Add mutable byte buffer type

As a Roblox developer, it is currently too hard to represent mutable binary data with Luau efficiently.

If Roblox is able to address this issue, it would improve my development experience because I would be able to interface with binary formats in an efficient manner.

The current workarounds are very inefficient for this:

  • Tables can, at most, represent 64 bits per slot using expensive Vector3 packing.

  • Tables with or without packing severely bloat memory, as each array entry is subject to Luau value size and alignment.

  • Strings are immutable and can’t be used to efficiently construct binary data without exponential allocations.

  • Built in string.pack and string.unpack can’t cover more complex schemas on their own or formats which are edited mid-creation.

A new ByteBuffer (or similarly-named) object would solve this issue. It would represent a chunk of binary memory and provide an API for interfacing with it. Ideally, this API would allow for building, reading, and writing to the internal buffer. A particularly good example API that this could be derived from is the Java class by the same name.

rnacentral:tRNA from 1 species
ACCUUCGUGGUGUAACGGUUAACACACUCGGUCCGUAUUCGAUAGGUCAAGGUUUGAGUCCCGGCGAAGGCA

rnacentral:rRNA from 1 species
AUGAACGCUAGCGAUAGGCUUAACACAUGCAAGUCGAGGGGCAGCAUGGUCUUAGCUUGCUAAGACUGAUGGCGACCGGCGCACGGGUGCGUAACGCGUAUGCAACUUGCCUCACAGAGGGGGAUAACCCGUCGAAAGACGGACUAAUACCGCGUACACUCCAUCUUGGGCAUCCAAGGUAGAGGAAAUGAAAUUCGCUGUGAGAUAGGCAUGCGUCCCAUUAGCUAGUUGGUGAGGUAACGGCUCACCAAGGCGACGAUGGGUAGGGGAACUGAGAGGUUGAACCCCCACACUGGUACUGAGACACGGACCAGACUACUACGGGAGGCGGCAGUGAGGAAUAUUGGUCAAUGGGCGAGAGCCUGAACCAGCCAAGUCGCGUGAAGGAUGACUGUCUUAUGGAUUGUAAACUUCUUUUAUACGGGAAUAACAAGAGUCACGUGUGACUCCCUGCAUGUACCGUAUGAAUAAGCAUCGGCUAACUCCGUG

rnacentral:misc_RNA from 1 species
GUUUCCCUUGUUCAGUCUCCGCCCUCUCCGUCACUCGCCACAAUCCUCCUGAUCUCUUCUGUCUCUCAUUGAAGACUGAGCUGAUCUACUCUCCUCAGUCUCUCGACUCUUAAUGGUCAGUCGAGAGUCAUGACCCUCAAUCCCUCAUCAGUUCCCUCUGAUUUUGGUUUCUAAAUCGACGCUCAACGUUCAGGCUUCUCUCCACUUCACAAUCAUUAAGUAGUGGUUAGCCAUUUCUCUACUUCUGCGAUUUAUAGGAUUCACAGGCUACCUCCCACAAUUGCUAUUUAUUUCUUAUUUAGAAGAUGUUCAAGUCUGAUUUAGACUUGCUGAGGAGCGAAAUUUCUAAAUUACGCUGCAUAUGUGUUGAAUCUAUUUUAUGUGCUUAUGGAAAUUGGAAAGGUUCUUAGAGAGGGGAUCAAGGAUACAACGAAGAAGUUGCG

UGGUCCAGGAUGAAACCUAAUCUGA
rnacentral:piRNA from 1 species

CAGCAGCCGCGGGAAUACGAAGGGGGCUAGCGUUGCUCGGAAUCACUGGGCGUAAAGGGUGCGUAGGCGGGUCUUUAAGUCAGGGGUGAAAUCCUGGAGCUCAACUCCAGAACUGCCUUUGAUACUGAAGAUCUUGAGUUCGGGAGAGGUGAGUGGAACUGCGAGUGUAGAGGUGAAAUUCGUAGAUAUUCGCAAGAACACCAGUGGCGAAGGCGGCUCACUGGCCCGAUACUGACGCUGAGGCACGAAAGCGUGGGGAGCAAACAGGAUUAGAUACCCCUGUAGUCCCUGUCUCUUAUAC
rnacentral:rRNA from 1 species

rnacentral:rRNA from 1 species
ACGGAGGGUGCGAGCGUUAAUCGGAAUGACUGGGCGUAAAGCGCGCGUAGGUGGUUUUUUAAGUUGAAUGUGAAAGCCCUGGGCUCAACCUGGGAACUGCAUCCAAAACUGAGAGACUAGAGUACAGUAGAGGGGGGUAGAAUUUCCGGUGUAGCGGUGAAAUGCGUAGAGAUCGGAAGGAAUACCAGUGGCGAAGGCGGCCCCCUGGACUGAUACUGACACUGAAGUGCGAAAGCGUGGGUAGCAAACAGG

While an API as extensive as the example might be good, it’s only really necessary to have methods for treating this block of data as a random access collections of bytes with potentially resizable backing. This could ideally be exposed as:

  • A constructor with predefined size and endianness.

  • A method for resizing the existing object while retaining data in bounds.

  • Methods for reading…

    • … a string given an offset and size.

    • … signed and unsigned integers of 8, 16, and 32 bits given an offset.

    • … floating point values of 32 and 64 bits given an offset.

  • Methods for writing…

    • … a string given an offset, size, and value.

    • … signed and unsigned integers of 8, 16, and 32 bits given an offset and value.

    • … floating point values of 32 and 64 bits given an offset and value.

As Luau can’t represent 64 bit integers in user code, the methods for these could be omitted or simply serve as a shortcut for writing what can be represented already without needing 2 calls to the 32 bit methods.

With this object, we ideally solve the use cases for binary format encoding and decoding, compression, and active/compact memory. This opens the door for plugin developers to work with file formats that might’ve been too large to represent with tables or to write to strings. It also allows for writing algorithms that deal with raw data often, such as compression or hashing. Web services that exchange data in packed formats could also benefit from this.

Alongside these example use cases, there’s a visible demand for this behavior as other developers have sought to implement versions of it as optimally as possible. These, of course, will suffer from the drawbacks listed at the start, which may be a deal breaker for lots of applications.